Publisher : Korean Society of Environmental Engineering
DOI : 10.4491/eer.2013.18.1.003
Title & Authors
Toxic Trace and Earth Crustal Elements of Ambient PM2.5 Using CCT-ICP-MS in an Urban Area of Korea Lee, Jin-Hong; Jeong, Jin-Hee; Lim, Joung-Myung;
Collision cell technology-inductively coupled plasma-mass spectrometry (CCT-ICP-MS) was used to measure the concentrations of approximately 19 elements associated with airborne PM2.5 samples that were collected from a roadside sampling station in Daejeon, Korea. Standard reference material (SRM 2783, air particulate on filter media) of the National Institute of Standards and Technology was used for the quality assurance of CCT-ICP-MS. The elemental concentrations were compared statistically with the certified (or recommended) values. The patterns of distribution were clearly distinguished between elements with their concentrations ranging over four orders of magnitude. If compared in terms of enrichment factors, it was found that toxic trace elements (e.g., Sb, Se, Cd, As, Zn, Pb, and Cu) of anthropogenic origin are much more enriched in PM2.5 samples of the study site. To the contrary, the results of the correlation analysis showed that PM2.5 concentrations can exhibit more enhanced correlations with the elements (e.g., Fe, K, Si, and Ti) arising from earth's crust. The findings of strong correlations between PM2.5 and the elements of crustal origin may be directly comparable with the dominant role of those species by constituting a major fraction of even PM2.5 as well as PM10 at the roadside area.
Source identification and apportionment of PM2.5 and PM2.5−10 in iron and steel scrap smelting factory environment using PMF, PCFA and UNMIX receptor models, Environmental Monitoring and Assessment, 2016, 188, 10
Spatiotemporal Variations and Possible Sources of Ambient PM10from 2003 to 2012 in Luzhou, China, Environmental Engineering Research, 2014, 19, 4, 331
Natusch DF, Wallace JR, Evans CA Jr. Toxic trace elements: preferential concentration in respirable particles. Science 1974;183:202-204.
Dockery DW, Pope CA 3rd. Acute respiratory effects of particulate air pollution. Annu. Rev. Public Health 1994;15:107-132.
Miller FJ. Dosimetry of particles: critical factors having risk assessment implications. Inhal. Toxicol. 2000;12:389-395.
See SW, Balasubramanian R. Risk assessment of exposure to indoor aerosols associated with Chinese cooking. Environ. Res. 2006;102:197-204.
Pope CA 3rd, Burnett RT, Thun MJ, et al. Lung cancer, cardiopulmonary mortality, and long-term exposure to fine particulate air pollution. JAMA 2002;287:1132-1141.
U.S. Environmental Protection Agency (EPA). Air quality criteria for particulate matter. Washington: EPA; 2004. Report no.: EPA/600/P-99/002aF-bF.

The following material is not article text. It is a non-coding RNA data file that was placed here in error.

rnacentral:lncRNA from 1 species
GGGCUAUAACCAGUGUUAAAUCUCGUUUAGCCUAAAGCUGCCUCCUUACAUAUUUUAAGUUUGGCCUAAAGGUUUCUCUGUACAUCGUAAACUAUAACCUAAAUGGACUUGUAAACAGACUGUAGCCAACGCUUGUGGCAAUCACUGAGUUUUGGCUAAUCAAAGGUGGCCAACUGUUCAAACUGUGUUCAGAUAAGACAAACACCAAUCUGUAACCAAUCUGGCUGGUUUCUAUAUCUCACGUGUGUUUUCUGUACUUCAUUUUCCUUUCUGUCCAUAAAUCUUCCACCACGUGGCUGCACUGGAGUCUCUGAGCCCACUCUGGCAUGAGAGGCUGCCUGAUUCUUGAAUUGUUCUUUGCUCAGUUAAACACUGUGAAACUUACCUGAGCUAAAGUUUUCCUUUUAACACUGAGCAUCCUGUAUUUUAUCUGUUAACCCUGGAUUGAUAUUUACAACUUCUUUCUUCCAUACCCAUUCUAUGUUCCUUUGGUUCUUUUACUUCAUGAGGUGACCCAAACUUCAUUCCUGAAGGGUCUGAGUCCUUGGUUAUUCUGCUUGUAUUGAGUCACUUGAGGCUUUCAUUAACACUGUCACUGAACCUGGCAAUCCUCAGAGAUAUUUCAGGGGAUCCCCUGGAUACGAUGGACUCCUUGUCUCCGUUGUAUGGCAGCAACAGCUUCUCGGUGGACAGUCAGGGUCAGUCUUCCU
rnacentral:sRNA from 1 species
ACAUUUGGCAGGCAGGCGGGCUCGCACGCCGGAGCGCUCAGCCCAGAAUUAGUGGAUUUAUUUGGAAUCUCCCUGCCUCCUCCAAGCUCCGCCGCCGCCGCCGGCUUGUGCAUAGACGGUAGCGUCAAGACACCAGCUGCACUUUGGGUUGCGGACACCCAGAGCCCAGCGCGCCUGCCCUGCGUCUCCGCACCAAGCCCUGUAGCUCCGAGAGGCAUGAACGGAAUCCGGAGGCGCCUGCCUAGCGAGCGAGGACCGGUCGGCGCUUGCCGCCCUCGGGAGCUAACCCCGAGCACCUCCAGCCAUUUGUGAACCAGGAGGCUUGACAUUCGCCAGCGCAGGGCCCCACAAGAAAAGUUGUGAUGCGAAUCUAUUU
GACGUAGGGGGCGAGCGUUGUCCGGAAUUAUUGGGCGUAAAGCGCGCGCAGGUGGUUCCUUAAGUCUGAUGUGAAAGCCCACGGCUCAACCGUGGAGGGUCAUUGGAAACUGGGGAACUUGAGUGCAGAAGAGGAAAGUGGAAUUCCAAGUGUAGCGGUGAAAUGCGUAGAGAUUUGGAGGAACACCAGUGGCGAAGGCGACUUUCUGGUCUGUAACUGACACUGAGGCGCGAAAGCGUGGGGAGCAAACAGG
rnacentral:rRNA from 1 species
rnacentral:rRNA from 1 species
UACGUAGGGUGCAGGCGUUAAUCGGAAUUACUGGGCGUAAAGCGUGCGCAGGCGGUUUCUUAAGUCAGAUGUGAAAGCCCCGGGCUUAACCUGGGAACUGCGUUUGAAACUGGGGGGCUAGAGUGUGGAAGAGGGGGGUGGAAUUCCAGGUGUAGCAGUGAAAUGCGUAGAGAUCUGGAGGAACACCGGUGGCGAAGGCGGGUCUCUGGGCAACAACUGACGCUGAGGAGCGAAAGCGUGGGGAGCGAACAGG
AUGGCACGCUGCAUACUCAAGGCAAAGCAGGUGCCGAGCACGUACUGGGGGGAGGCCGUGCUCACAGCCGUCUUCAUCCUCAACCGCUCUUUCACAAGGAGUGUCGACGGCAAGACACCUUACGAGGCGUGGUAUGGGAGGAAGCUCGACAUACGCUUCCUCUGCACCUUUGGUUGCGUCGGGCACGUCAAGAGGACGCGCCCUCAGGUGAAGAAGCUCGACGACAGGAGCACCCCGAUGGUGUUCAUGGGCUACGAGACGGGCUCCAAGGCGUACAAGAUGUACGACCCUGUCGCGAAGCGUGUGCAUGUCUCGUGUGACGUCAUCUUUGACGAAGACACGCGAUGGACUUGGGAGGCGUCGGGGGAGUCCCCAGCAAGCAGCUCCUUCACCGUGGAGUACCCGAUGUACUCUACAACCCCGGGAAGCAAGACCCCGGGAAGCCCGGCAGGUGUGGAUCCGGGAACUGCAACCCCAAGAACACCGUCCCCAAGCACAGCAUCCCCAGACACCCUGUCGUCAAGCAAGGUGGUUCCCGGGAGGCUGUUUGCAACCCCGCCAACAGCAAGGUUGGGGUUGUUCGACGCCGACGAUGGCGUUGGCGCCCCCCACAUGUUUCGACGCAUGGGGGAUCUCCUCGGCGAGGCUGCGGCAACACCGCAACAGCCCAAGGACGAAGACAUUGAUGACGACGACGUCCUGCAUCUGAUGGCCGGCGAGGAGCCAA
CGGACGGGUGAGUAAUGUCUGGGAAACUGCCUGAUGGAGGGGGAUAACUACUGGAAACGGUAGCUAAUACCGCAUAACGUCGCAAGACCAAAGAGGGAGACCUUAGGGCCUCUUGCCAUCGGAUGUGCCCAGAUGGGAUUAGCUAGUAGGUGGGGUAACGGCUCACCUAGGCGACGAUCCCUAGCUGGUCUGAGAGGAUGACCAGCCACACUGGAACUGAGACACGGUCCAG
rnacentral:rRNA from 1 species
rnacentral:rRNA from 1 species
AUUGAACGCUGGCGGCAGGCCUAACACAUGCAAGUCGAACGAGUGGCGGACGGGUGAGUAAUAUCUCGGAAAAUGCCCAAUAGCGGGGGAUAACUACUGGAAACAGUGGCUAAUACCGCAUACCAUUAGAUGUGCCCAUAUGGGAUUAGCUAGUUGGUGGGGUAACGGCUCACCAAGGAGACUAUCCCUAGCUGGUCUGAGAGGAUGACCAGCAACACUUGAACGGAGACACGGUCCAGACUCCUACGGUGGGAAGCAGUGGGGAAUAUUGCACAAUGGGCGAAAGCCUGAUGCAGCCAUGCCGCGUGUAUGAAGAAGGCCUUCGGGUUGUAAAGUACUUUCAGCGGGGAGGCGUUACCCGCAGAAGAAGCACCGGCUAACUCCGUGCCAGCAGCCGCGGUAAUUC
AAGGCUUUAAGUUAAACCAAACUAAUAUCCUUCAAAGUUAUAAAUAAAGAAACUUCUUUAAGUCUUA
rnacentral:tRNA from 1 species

Jiang SJ, Houk RS, Stevens MA. Alleviation of overlap interferences for determination of potassium isotope ratios by inductively coupled plasma mass spectrometry. Anal. Chem. 1988;60:1217-1221.
Sakata K, Kawabata K. Reduction of fundamental polyatomic ions in inductively coupled plasma mass spectrometry. Spectrochim. Acta Part B At. Spectrosc. 1994;49:1027-1038.
Tanner SD, Baranov VI, Bandura DR. Reaction cells and collision cells for ICP-MS: a tutorial review. Spectrochim. Acta Part B At. Spectrosc. 2002;57:1361-1452.
Thomas R. A beginner's guide to ICP-MS. Spectroscopy 2002;17:42-48.
Hassan NM, Rasmussen PE, Dabek-Zlotorzynska E, Celo V, Chen H. Analysis of environmental samples using microwave- assisted acid digestion and inductively coupled plasma mass spectrometry: maximizing total element recoveries. Water Air Soil Poll. 2007;178:323-334.
Alsenz H, Zereini F, Wiseman CL, Puttmann W. Analysis of palladium concentrations in airborne particulate matter with reductive co-precipitation, He collision gas, and IDICP- Q-MS. Anal. Bioanal. Chem. 2009;395:1919-1927.
Soriano A, Pallares S, Pardo F, Vicente AB, Sanfeliu T, Bech J. Deposition of heavy metals from particulate settleable matter in soils of industrialised area. J. Geochem. Explor. 2012;113:36-44.
Diaz X, Johnson WP, Fernandez D, Naftz DL. Size and elemental distributions of nano- to micro-particulates in the geochemically-stratified Great Salt Lake. Appl. Geochem. 2009;24:1653-1665.
Kim KH, Lee JH, Jang MS. Metals in airborne particulate matter from the first and second industrial complex area of Taejon city, Korea. Environ. Pollut. 2002;118:41-51.
World Health Organization. WHO air quality guidelines for particulate matter, ozone, nitrogen dioxide and sulfur dioxide. Geneva: World Health Organization; 2006. Report no.: WHO/SDE/PHE/OEH/06.02.
Taylor SR, McLennan SM. The continental crust, its composition and evolution: an examination of the geochemical record preserved in sedimentary rocks. Oxford: Blackwell Scientific; 1985.